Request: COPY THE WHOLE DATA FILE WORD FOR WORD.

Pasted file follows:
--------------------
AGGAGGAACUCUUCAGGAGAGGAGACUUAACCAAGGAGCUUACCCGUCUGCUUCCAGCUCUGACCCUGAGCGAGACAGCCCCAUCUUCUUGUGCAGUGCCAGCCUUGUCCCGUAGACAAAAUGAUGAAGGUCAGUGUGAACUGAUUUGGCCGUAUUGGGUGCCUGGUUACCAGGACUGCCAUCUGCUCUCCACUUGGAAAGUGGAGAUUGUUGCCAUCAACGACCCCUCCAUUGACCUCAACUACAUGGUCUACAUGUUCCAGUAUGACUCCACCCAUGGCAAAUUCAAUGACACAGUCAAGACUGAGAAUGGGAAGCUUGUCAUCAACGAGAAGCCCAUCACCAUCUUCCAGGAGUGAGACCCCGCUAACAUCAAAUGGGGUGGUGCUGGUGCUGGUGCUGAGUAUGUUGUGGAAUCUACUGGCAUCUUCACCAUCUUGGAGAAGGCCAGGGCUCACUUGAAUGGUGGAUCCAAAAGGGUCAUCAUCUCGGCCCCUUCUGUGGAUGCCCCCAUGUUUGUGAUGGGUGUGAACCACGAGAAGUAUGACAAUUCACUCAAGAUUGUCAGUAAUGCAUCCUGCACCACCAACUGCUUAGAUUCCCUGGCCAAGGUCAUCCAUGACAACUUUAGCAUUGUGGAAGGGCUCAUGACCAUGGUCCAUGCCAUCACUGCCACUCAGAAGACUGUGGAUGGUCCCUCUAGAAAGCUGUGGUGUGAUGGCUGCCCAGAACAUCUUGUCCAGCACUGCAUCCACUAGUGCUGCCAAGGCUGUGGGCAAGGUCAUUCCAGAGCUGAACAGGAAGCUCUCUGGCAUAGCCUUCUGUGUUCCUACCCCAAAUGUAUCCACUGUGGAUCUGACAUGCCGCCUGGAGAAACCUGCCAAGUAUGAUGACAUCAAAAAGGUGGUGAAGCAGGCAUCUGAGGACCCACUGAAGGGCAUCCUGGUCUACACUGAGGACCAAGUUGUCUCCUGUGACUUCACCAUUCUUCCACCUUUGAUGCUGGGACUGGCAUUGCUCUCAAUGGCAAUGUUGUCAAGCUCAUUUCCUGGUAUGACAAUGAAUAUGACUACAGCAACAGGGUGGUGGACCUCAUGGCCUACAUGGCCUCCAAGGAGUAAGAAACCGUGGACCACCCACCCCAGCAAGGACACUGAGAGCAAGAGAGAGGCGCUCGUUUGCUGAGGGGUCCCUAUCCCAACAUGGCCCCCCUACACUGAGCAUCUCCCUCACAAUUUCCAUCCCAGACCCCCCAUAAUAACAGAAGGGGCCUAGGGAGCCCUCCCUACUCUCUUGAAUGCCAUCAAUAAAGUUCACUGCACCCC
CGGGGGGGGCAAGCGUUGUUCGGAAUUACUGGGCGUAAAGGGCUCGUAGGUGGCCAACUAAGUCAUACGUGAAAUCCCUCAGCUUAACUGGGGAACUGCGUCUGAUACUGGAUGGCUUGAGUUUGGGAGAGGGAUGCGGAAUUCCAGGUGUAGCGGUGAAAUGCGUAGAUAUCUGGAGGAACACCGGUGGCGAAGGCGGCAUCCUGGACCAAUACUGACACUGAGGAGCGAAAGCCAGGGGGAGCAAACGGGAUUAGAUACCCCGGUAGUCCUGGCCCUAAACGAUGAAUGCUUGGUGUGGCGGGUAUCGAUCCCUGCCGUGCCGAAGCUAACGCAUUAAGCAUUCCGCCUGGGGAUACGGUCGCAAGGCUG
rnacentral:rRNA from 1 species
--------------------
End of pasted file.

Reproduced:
AGGAGGAACUCUUCAGGAGAGGAGACUUAACCAAGGAGCUUACCCGUCUGCUUCCAGCUCUGACCCUGAGCGAGACAGCCCCAUCUUCUUGUGCAGUGCCAGCCUUGUCCCGUAGACAAAAUGAUGAAGGUCAGUGUGAACUGAUUUGGCCGUAUUGGGUGCCUGGUUACCAGGACUGCCAUCUGCUCUCCACUUGGAAAGUGGAGAUUGUUGCCAUCAACGACCCCUCCAUUGACCUCAACUACAUGGUCUACAUGUUCCAGUAUGACUCCACCCAUGGCAAAUUCAAUGACACAGUCAAGACUGAGAAUGGGAAGCUUGUCAUCAACGAGAAGCCCAUCACCAUCUUCCAGGAGUGAGACCCCGCUAACAUCAAAUGGGGUGGUGCUGGUGCUGGUGCUGAGUAUGUUGUGGAAUCUACUGGCAUCUUCACCAUCUUGGAGAAGGCCAGGGCUCACUUGAAUGGUGGAUCCAAAAGGGUCAUCAUCUCGGCCCCUUCUGUGGAUGCCCCCAUGUUUGUGAUGGGUGUGAACCACGAGAAGUAUGACAAUUCACUCAAGAUUGUCAGUAAUGCAUCCUGCACCACCAACUGCUUAGAUUCCCUGGCCAAGGUCAUCCAUGACAACUUUAGCAUUGUGGAAGGGCUCAUGACCAUGGUCCAUGCCAUCACUGCCACUCAGAAGACUGUGGAUGGUCCCUCUAGAAAGCUGUGGUGUGAUGGCUGCCCAGAACAUCUUGUCCAGCACUGCAUCCACUAGUGCUGCCAAGGCUGUGGGCAAGGUCAUUCCAGAGCUGAACAGGAAGCUCUCUGGCAUAGCCUUCUGUGUUCCUACCCCAAAUGUAUCCACUGUGGAUCUGACAUGCCGCCUGGAGAAACCUGCCAAGUAUGAUGACAUCAAAAAGGUGGUGAAGCAGGCAUCUGAGGACCCACUGAAGGGCAUCCUGGUCUACACUGAGGACCAAGUUGUCUCCUGUGACUUCACCAUUCUUCCACCUUUGAUGCUGGGACUGGCAUUGCUCUCAAUGGCAAUGUUGUCAAGCUCAUUUCCUGGUAUGACAAUGAAUAUGACUACAGCAACAGGGUGGUGGACCUCAUGGCCUACAUGGCCUCCAAGGAGUAAGAAACCGUGGACCACCCACCCCAGCAAGGACACUGAGAGCAAGAGAGAGGCGCUCGUUUGCUGAGGGGUCCCUAUCCCAACAUGGCCCCCCUACACUGAGCAUCUCCCUCACAAUUUCCAUCCCAGACCCCCCAUAAUAACAGAAGGGGCCUAGGGAGCCCUCCCUACUCUCUUGAAUGCCAUCAAUAAAGUUCACUGCACCCC
CGGGGGGGGCAAGCGUUGUUCGGAAUUACUGGGCGUAAAGGGCUCGUAGGUGGCCAACUAAGUCAUACGUGAAAUCCCUCAGCUUAACUGGGGAACUGCGUCUGAUACUGGAUGGCUUGAGUUUGGGAGAGGGAUGCGGAAUUCCAGGUGUAGCGGUGAAAUGCGUAGAUAUCUGGAGGAACACCGGUGGCGAAGGCGGCAUCCUGGACCAAUACUGACACUGAGGAGCGAAAGCCAGGGGGAGCAAACGGGAUUAGAUACCCCGGUAGUCCUGGCCCUAAACGAUGAAUGCUUGGUGUGGCGGGUAUCGAUCCCUGCCGUGCCGAAGCUAACGCAUUAAGCAUUCCGCCUGGGGAUACGGUCGCAAGGCUG
rnacentral:rRNA from 1 species